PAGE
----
The Story Of…Tongdosa Temple

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The famed Geumgang Gyedan Altar with the lotus shaped stone that houses the Buddhas partial remains behind the main hall at Tongdosa Temple.

Hello Again Everyone!!

I’m often asked what my favourite temple in all of Korea is, which makes sense because I run a website on Korean temples. For me, the answer is quite simple: Tongdosa Temple in Yangsan, Gyeongsangnam-do. There are so many reasons why Tongdosa Temple is my favourite temple in Korea; so many of those reasons revolve around fond memories.

One of those memories is that it was the second temple I ever visited in Korea (the first being Bulguksa Temple). I went with friends from the very first school I ever worked at. Most of those people are still my friends to this day. I’ve also brought a lot of new friends I’ve met through the years to this temple just because it has so much to offer a first time visitor. But perhaps one of my greatest friendships came from a novice Czech monk that was training at Tongdosa Temple not too long ago.

Another reason is that it’s the first temple I brought my mom to when she came to Korea for the first time in 2004. Like me, I wanted her time here to mirror some of the adventures and joys in my life while staying in Korea. And there was no better representation of these feelings than Tongdosa Temple.

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The stunning main hall at Tongdosa Temple.

But perhaps the greatest reason I love Tongdosa Temple so much is that it’s the first place I went on a date with my wife. We fumbled around our feelings, as we wandered around the temple grounds and museum, while figuring out just what we felt for the other. So what better reason do you need to love a place than it being the place where you dated your future wife?

As you can tell, I have so many reasons why Tongdosa Temple is my favourite temple in all of Korea. But outside of friendships, family, and a beautiful wife, the temple is a pretty awesome place to visit, especially when you consider it houses the partial remains of the Buddha.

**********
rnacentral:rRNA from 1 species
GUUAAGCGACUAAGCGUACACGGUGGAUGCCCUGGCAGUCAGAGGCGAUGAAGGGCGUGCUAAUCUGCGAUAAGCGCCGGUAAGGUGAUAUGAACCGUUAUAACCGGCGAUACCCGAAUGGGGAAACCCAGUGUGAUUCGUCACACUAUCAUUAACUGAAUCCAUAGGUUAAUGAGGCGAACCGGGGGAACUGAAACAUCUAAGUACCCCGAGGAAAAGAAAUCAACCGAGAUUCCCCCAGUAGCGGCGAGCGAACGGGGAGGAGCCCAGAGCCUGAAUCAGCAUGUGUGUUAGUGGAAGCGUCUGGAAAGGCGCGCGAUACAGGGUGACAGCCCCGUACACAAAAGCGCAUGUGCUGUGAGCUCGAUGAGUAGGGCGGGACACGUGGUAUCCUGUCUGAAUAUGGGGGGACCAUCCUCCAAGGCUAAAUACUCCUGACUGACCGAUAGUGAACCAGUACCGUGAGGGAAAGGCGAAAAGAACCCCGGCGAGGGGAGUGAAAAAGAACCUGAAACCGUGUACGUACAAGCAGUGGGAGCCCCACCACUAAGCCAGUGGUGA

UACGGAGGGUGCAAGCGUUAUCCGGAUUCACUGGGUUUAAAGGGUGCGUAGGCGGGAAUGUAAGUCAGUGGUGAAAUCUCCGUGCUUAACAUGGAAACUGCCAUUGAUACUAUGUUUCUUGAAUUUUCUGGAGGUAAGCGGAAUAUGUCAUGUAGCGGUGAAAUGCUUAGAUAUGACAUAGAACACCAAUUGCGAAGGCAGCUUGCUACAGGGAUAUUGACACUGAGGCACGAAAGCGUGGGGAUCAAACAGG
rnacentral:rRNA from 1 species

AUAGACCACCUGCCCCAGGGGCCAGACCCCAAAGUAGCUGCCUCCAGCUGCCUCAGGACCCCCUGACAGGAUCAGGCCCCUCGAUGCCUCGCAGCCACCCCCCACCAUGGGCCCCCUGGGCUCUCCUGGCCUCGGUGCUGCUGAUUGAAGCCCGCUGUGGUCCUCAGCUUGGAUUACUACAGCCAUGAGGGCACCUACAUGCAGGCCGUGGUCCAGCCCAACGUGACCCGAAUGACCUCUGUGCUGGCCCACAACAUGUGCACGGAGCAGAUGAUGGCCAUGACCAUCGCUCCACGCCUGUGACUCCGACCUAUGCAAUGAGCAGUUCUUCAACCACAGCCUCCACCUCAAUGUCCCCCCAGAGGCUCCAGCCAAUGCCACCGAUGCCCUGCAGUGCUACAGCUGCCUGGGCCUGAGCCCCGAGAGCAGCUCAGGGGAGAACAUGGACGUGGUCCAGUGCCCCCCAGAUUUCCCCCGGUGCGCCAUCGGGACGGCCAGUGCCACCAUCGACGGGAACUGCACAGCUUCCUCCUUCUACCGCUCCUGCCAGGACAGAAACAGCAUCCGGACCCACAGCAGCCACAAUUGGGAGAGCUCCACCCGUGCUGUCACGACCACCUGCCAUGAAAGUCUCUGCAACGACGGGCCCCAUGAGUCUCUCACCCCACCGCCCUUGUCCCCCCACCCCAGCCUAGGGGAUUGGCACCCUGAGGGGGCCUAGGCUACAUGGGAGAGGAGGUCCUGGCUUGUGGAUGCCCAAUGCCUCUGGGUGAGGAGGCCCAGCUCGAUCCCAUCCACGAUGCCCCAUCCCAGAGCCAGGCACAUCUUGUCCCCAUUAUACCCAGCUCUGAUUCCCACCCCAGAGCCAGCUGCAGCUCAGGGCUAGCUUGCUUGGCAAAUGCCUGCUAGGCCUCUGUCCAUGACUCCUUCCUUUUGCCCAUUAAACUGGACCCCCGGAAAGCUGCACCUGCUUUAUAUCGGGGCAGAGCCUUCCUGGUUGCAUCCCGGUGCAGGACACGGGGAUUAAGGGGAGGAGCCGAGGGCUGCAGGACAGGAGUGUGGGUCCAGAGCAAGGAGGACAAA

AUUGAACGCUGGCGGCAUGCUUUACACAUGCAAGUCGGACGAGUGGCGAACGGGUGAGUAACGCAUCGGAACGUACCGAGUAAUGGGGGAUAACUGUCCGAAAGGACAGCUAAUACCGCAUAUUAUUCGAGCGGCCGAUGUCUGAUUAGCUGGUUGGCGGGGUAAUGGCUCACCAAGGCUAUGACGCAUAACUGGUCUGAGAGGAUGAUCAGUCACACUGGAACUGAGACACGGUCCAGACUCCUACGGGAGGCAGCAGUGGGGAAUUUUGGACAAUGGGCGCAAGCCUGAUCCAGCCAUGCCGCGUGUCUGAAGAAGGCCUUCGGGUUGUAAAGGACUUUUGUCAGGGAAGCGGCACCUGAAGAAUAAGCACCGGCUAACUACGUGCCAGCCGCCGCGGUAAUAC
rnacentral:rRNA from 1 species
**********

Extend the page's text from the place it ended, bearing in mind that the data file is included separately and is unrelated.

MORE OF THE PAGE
For more on Tongdosa Temple.

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A colourful look at the amazing Tongdosa Temple.

The Story of…Jajangam Hermitage

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The painting at Jajangam Hermitage, near Tongdosa Temple, of Jajang-yulsa and the golden frog.

Hello Again Everyone!!

I first went to Jajangam Hermitage back in 2004, and it was one of the first hermitages I visited directly associated with Tongdosa Temple. Ever since then, I’ve regularly visited this hermitage throughout the years.

With only a handful of hermitage buildings, Jajangam Hermitage isn’t the largest you’ll find; however, it is purportedly the staging ground where the monk, Jajang-yulsa, planned and created the famed Tongdosa Temple.

However, the most curious part of the hermitage is the golden frog that takes up residence behind the main hall at Jajangam Hermitage. So the story goes, that during the creation of Tongdosa Temple, there were numerous golden frogs around Jajangam Hermitage. As Jajang was washing his rice, the frogs were muddying the water. So twice, he removed the frogs and twice they returned. Upon closer inspection, he realized that the frogs were golden and were an auspicious sign. So when winter came, he created a home for the frogs at the hermitage by driving a finger into solid rock. This very hole, which is called the Geumwangong, is where a golden frog now takes up residence at Jajangam Hermitage.

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The white arrow pointing to the pinprick of a hole where the golden frog sometimes takes up residence at Jajangam Hermitage.

However, this golden frog is pretty elusive. It’s believed that only the most devout Buddhist can see this golden frog. I’ve been to the hermitage a countless amount of times, and it was only recently, on a field trip with teachers at my school, that I finally saw one.

As I approached the hole, and I was the first, I looked in very carefully. At first, I couldn’t see a thing. But looking a little closer, I could see in the darkness these tiny little eyes looking back at me. A few more teachers attempted to see what I had seen, but only one other saw it.

While we were leaving, the head monk at the hermitage asked me if I had visited the golden frog. I said I had. He seemed a bit surprised, almost as though it wasn’t true. Quickly, he made a b-line for the Geumwangong from the courtyard. Not long after, he came back. The Korean teachers that were with me asked him if he had seen the golden frog; but from his face, I could tell that he hadn’t.

Sometimes, real life is stranger than fiction.

To learn more about Jajangam Hermitage, please follow the link.

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The temple courtyard and main hall in the background at Jajangam Hermitage.